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Week In Politics


The president is in Japan. Congress is out of town on Memorial Day recess. And the plan before everyone skipped town was to finally get a disaster relief bill passed and to get aid to farmers, military bases and communities recovering from hurricanes and wildfires over the last two years. Let's have our Ron Elving pick up the story, Washington editor and correspondent. Thanks so much for being with us, Ron.

RON ELVING, BYLINE: Good to be with you, Scott.

SIMON: The Senate passed this aid package. They got assurances from the White House the president would sign it. Then what happened?

ELVING: In the House, where it had been approved earlier with big bipartisan support, it was assumed that this reapproval would just happen more or less automatically using a process called unanimous consent. Because so many members had already left for the Memorial Day recess, they were just waiting to see if anyone would object. And one member, a freshman Republican from Texas named Chip Roy, decided to object. And one is all it takes.

SIMON: Any connection that you see to the subpoenas the House has been raining down on the administration?

ELVING: Not directly. It wasn't related to the subpoenas or the contempt of Congress citations or the growing interest among many Democrats about impeachment or the president's threats about ceasing to do business with Congress altogether. But in the broader sense, yes, all of these things are connected. It's another manifestation of how bad things have gotten and how even after a deal is done, some individuals are willing to hold up the show and take it out on the vulnerable, including millions of citizens waiting for this aid in many states and Puerto Rico, where they've been waiting since 2017.

And that had been the president's position, saying that the disaster aid bill should be paid for by spending cuts elsewhere, as Chip Roy said this week, and there should be money in the bill for the immigration crisis on the southern border. But then the president agreed to let the bill go through without border funds and with the Puerto Rico money.

SIMON: And in that - what I can only refer to as acrimonious spirit, this extraordinary exchange between President Trump and Speaker Pelosi - the White House meeting on infrastructure, ordinarily, you'd think both parties could figure out a way to agree on how to spend trillions of dollars on some of their pet projects. But the president walked out, and then that extraordinary back-and-forth ensued.

ELVING: Yes, we've had rough patches in our political history where presidents and speakers have locked horns before. But here we have a multifront confrontation that's taking on a personal dimension that may, in some sense, be meant to be a distraction from the issues at hand.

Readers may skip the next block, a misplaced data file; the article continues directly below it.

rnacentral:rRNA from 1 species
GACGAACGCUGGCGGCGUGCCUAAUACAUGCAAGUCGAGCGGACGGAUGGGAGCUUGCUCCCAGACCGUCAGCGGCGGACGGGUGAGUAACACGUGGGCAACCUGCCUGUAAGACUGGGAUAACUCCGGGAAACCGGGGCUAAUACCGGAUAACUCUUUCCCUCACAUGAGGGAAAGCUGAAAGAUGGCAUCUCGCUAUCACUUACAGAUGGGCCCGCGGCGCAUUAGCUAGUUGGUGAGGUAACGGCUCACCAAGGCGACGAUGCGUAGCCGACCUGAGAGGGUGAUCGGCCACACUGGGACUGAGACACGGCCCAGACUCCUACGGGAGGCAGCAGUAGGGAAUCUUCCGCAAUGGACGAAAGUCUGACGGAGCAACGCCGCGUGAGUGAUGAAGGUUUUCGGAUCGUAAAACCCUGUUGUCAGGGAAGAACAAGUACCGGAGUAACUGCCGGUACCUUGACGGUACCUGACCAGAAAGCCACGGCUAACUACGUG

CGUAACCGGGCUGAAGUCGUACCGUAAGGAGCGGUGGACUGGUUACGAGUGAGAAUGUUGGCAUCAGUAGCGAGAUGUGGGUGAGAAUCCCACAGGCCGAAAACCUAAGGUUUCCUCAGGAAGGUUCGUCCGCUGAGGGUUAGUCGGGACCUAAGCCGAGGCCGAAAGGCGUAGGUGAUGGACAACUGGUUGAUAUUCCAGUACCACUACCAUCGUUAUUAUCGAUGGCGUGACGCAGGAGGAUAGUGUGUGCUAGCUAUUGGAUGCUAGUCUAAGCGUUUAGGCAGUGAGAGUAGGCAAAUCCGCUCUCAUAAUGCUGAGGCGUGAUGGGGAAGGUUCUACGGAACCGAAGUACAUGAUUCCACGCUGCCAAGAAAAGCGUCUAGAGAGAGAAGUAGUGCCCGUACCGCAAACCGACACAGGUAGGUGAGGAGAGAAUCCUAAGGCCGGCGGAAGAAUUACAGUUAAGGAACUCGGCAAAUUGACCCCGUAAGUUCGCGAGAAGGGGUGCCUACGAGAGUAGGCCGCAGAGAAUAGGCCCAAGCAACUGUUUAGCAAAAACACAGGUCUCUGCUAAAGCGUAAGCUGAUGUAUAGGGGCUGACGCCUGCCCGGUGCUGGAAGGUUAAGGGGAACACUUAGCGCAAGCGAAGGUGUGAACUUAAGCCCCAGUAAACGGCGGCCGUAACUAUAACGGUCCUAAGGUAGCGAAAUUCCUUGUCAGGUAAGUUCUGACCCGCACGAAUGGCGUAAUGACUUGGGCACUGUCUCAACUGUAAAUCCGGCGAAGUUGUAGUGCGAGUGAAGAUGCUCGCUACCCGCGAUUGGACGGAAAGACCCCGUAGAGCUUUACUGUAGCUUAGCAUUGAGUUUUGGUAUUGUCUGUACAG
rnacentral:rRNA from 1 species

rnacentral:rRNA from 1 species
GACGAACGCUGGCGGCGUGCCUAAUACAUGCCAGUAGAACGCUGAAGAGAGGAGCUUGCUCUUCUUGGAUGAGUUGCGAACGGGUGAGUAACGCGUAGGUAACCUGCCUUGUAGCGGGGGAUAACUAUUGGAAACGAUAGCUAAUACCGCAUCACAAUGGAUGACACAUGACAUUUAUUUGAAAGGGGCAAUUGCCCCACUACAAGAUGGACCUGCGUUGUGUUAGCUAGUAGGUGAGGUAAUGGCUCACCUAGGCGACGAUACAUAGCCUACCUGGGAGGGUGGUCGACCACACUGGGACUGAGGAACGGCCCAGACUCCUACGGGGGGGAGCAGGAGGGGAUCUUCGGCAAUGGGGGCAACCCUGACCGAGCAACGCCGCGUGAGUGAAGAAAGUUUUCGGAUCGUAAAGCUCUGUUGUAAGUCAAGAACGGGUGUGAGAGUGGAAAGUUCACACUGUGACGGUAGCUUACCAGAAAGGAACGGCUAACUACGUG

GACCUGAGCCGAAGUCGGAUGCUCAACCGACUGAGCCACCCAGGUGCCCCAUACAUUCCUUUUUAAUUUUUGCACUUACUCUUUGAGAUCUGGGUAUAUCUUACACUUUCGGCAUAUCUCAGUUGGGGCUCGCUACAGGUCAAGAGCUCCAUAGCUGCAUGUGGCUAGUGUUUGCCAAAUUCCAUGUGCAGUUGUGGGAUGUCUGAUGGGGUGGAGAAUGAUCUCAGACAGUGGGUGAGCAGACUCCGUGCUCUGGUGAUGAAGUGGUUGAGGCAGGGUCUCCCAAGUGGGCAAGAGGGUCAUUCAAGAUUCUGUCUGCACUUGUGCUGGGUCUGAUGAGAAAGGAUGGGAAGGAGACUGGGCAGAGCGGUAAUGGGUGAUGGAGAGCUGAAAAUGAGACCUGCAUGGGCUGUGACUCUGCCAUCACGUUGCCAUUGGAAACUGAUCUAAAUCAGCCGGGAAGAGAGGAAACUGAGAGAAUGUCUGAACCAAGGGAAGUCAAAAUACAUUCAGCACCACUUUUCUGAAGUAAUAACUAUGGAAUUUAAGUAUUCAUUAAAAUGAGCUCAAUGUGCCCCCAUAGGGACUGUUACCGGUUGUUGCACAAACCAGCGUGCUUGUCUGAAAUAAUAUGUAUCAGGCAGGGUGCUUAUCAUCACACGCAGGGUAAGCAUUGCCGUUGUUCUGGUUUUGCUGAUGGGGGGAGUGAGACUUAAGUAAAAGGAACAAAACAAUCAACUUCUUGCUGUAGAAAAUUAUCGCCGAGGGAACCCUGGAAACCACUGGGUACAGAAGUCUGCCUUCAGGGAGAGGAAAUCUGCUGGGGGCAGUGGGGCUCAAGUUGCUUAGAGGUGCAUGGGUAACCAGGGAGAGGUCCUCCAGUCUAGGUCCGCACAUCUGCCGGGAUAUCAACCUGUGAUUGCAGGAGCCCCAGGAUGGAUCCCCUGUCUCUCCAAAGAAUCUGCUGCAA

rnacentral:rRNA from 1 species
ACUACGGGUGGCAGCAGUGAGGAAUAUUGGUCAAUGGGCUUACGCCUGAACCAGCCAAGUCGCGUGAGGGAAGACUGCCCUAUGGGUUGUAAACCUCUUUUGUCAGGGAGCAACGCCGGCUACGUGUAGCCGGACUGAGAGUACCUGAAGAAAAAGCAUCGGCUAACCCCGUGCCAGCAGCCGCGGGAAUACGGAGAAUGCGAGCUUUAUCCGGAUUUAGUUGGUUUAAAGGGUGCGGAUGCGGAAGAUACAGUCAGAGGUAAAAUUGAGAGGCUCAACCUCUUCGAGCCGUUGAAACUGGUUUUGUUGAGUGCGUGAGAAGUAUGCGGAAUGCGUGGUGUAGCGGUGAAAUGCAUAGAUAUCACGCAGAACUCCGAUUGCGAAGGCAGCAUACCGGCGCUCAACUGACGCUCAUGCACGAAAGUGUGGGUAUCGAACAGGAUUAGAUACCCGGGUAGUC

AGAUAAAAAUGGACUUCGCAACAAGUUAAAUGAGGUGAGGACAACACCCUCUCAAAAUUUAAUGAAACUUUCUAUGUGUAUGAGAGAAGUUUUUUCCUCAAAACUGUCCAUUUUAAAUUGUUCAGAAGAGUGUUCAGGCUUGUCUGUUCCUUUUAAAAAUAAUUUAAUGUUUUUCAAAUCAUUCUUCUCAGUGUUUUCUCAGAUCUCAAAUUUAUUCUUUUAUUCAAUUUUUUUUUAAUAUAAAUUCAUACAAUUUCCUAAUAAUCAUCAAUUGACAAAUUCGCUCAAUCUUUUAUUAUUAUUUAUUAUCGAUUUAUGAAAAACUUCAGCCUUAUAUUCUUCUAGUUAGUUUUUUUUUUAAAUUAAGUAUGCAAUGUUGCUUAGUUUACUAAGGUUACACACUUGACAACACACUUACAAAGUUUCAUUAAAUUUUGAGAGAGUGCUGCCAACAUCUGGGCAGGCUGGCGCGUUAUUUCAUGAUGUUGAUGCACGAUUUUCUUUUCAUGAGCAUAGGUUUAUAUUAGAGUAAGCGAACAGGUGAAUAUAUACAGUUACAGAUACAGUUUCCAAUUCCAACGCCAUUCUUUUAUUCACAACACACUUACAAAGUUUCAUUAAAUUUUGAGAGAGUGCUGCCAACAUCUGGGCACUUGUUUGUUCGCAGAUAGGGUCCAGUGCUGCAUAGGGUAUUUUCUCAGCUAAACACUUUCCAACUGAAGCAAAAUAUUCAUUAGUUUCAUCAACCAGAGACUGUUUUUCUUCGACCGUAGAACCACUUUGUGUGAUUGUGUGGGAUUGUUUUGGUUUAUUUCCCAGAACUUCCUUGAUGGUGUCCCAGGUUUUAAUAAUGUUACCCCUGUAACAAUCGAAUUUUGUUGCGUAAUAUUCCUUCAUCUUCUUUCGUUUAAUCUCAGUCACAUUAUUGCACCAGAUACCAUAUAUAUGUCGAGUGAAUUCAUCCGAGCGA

And this - there's always been an unspoken set of rules that defined this kind of fight and led to an outcome. But here, we just simply don't know how we're going to find our way out of this. The speaker says there's a cover-up happening, but she's praying for the president and the country. Then the president says, she's lost it. And I think a lot of women in particular will find this dynamic all too familiar.

SIMON: Yesterday, a federal judge in California threw another wrench into the administration's border wall plans. What happened there?

ELVING: It never seems to get too far from the border, does it? The federal judge in California issued a ruling that partially and temporarily blocks the president from spending money on a wall that was appropriated by Congress for other purposes. In his ruling, the judge quoted White House Chief of Staff Mick Mulvaney saying on Fox that, quote, "the wall is going to get built with Congress or without it," unquote.

And the judge notes that that position does not square, quote - I'm quoting the judge here - "does not square with fundamental separation of powers principles dating back to the earliest days of our republic." And in those two quotes, Scott, you have the essence of the whole broader confrontation.

SIMON: And what do you make of the - yesterday's move by the Supreme Court about congressional maps in Michigan and Ohio?

ELVING: Not surprising. The court stayed rulings from lower courts that have tried to address partisan gerrymandering in those states. These are states where Republicans can win two-thirds or more of the seats in Congress with just half the actual popular vote in that state. So the high court could've let those rulings stand, let the remapping get started this summer. But instead, it chose to freeze the situation, pending rulings from other states, at least for the moment.

SIMON: NPR's Ron Elving, thanks so much.

ELVING: Thank you, Scott. Transcript provided by NPR, Copyright NPR.

Ron Elving is Senior Editor and Correspondent on the Washington Desk for NPR News, where he is frequently heard as a news analyst and writes regularly for NPR.org.